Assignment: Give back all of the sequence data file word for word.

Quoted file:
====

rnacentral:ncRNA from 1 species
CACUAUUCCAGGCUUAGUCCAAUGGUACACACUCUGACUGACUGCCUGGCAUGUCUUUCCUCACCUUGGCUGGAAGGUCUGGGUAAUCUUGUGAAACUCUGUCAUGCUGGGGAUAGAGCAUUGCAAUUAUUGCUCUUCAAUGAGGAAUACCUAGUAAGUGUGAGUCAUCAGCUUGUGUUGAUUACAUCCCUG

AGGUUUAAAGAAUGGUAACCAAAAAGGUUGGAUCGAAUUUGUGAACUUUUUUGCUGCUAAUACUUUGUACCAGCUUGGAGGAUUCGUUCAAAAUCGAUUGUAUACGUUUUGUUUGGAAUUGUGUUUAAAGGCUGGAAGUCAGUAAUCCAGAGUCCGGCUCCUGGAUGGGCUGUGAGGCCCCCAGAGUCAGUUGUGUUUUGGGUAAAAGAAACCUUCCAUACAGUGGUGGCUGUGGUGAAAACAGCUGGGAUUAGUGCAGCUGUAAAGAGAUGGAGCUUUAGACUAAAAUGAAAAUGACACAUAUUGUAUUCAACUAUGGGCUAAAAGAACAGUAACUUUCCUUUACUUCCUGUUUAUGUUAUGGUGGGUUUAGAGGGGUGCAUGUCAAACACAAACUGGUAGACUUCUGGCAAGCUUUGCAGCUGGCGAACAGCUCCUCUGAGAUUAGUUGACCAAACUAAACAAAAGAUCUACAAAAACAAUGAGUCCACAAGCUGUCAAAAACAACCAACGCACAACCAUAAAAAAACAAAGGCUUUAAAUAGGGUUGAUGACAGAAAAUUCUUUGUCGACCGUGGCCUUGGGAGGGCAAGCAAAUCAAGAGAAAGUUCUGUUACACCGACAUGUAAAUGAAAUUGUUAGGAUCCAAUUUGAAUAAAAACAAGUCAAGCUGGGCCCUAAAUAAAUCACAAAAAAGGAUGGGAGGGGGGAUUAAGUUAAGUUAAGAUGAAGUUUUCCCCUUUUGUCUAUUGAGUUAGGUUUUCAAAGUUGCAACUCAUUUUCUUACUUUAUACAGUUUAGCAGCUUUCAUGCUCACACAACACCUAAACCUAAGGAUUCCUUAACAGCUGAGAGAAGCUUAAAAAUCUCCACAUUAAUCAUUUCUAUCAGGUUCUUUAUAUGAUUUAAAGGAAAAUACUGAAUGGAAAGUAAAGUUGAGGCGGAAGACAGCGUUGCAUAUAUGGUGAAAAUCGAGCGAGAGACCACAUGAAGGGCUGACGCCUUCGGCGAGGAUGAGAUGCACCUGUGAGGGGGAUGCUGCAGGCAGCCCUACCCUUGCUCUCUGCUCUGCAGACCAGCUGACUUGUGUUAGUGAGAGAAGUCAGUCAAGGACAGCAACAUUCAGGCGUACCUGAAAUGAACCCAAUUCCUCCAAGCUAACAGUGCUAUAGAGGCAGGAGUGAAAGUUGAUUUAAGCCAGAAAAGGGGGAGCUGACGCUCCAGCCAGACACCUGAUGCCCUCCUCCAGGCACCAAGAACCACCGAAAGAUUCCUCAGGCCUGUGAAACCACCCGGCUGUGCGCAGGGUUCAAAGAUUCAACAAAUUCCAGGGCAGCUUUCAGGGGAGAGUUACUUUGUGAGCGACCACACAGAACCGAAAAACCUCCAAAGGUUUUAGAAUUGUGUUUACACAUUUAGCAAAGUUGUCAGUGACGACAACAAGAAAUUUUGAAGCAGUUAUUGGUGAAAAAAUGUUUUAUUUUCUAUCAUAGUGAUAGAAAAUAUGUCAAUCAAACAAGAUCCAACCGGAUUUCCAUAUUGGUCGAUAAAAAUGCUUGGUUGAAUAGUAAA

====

rnacentral:ncRNA from 1 species
CACUAUUCCAGGCUUAGUCCAAUGGUACACACUCUGACUGACUGCCUGGCAUGUCUUUCCUCACCUUGGCUGGAAGGUCUGGGUAAUCUUGUGAAACUCUGUCAUGCUGGGGAUAGAGCAUUGCAAUUAUUGCUCUUCAAUGAGGAAUACCUAGUAAGUGUGAGUCAUCAGCUUGUGUUGAUUACAUCCCUG

AGGUUUAAAGAAUGGUAACCAAAAAGGUUGGAUCGAAUUUGUGAACUUUUUUGCUGCUAAUACUUUGUACCAGCUUGGAGGAUUCGUUCAAAAUCGAUUGUAUACGUUUUGUUUGGAAUUGUGUUUAAAGGCUGGAAGUCAGUAAUCCAGAGUCCGGCUCCUGGAUGGGCUGUGAGGCCCCCAGAGUCAGUUGUGUUUUGGGUAAAAGAAACCUUCCAUACAGUGGUGGCUGUGGUGAAAACAGCUGGGAUUAGUGCAGCUGUAAAGAGAUGGAGCUUUAGACUAAAAUGAAAAUGACACAUAUUGUAUUCAACUAUGGGCUAAAAGAACAGUAACUUUCCUUUACUUCCUGUUUAUGUUAUGGUGGGUUUAGAGGGGUGCAUGUCAAACACAAACUGGUAGACUUCUGGCAAGCUUUGCAGCUGGCGAACAGCUCCUCUGAGAUUAGUUGACCAAACUAAACAAAAGAUCUACAAAAACAAUGAGUCCACAAGCUGUCAAAAACAACCAACGCACAACCAUAAAAAAACAAAGGCUUUAAAUAGGGUUGAUGACAGAAAAUUCUUUGUCGACCGUGGCCUUGGGAGGGCAAGCAAAUCAAGAGAAAGUUCUGUUACACCGACAUGUAAAUGAAAUUGUUAGGAUCCAAUUUGAAUAAAAACAAGUCAAGCUGGGCCCUAAAUAAAUCACAAAAAAGGAUGGGAGGGGGGAUUAAGUUAAGUUAAGAUGAAGUUUUCCCCUUUUGUCUAUUGAGUUAGGUUUUCAAAGUUGCAACUCAUUUUCUUACUUUAUACAGUUUAGCAGCUUUCAUGCUCACACAACACCUAAACCUAAGGAUUCCUUAACAGCUGAGAGAAGCUUAAAAAUCUCCACAUUAAUCAUUUCUAUCAGGUUCUUUAUAUGAUUUAAAGGAAAAUACUGAAUGGAAAGUAAAGUUGAGGCGGAAGACAGCGUUGCAUAUAUGGUGAAAAUCGAGCGAGAGACCACAUGAAGGGCUGACGCCUUCGGCGAGGAUGAGAUGCACCUGUGAGGGGGAUGCUGCAGGCAGCCCUACCCUUGCUCUCUGCUCUGCAGACCAGCUGACUUGUGUUAGUGAGAGAAGUCAGUCAAGGACAGCAACAUUCAGGCGUACCUGAAAUGAACCCAAUUCCUCCAAGCUAACAGUGCUAUAGAGGCAGGAGUGAAAGUUGAUUUAAGCCAGAAAAGGGGGAGCUGACGCUCCAGCCAGACACCUGAUGCCCUCCUCCAGGCACCAAGAACCACCGAAAGAUUCCUCAGGCCUGUGAAACCACCCGGCUGUGCGCAGGGUUCAAAGAUUCAACAAAUUCCAGGGCAGCUUUCAGGGGAGAGUUACUUUGUGAGCGACCACACAGAACCGAAAAACCUCCAAAGGUUUUAGAAUUGUGUUUACACAUUUAGCAAAGUUGUCAGUGACGACAACAAGAAAUUUUGAAGCAGUUAUUGGUGAAAAAAUGUUUUAUUUUCUAUCAUAGUGAUAGAAAAUAUGUCAAUCAAACAAGAUCCAACCGGAUUUCCAUAUUGGUCGAUAAAAAUGCUUGGUUGAAUAGUAAA